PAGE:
That growth starts with children and St. James points to the NHRA’s Junior Dragster program as a key in the number of females in drag racing. Sara Walker, senior manager of NHRA Sportsman Racing, says they have started Junior Street, a category for teenagers 13 to 16 years old. The program allows teenagers to race a street car on a dragstrip with a parent in the passenger seat. Walker says the female-to-male ratio in her NHRA category is 50-50.
Danielle Frye, who directs USAC’s quarter-midget racing division that’s sanctioned by the NASCAR Youth Series, has 1,800 registered drivers across 60 clubs in the United States. She says 423 of those registered drivers are females and 73 of them have younger siblings that are females. The national champion this year in the Junior 150 Class in the dirt series is a female.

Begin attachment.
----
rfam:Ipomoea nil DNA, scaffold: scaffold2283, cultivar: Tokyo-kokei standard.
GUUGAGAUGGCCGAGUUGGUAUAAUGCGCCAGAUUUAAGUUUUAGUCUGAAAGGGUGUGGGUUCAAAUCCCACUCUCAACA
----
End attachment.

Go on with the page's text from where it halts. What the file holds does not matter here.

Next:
St. James believes a universal program for youth racers is needed to teach basic racing skills. They would then realize that ahead of them is what St. James describes as “the candy store” and they could pick the “kind of candy (they) want”, IndyCar, IMSA, or NASCAR.
During NASCAR’s State of the Sport address earlier this month, chief operating officer Steve O’Donnell said the sanctioning body had hired Joey Denowitz to work on the sport’s ladder system. O’Donnell described it as a “huge focus” for NASCAR. There currently isn’t a clear path for a young driver, male or female, to reach stock car racing’s top series.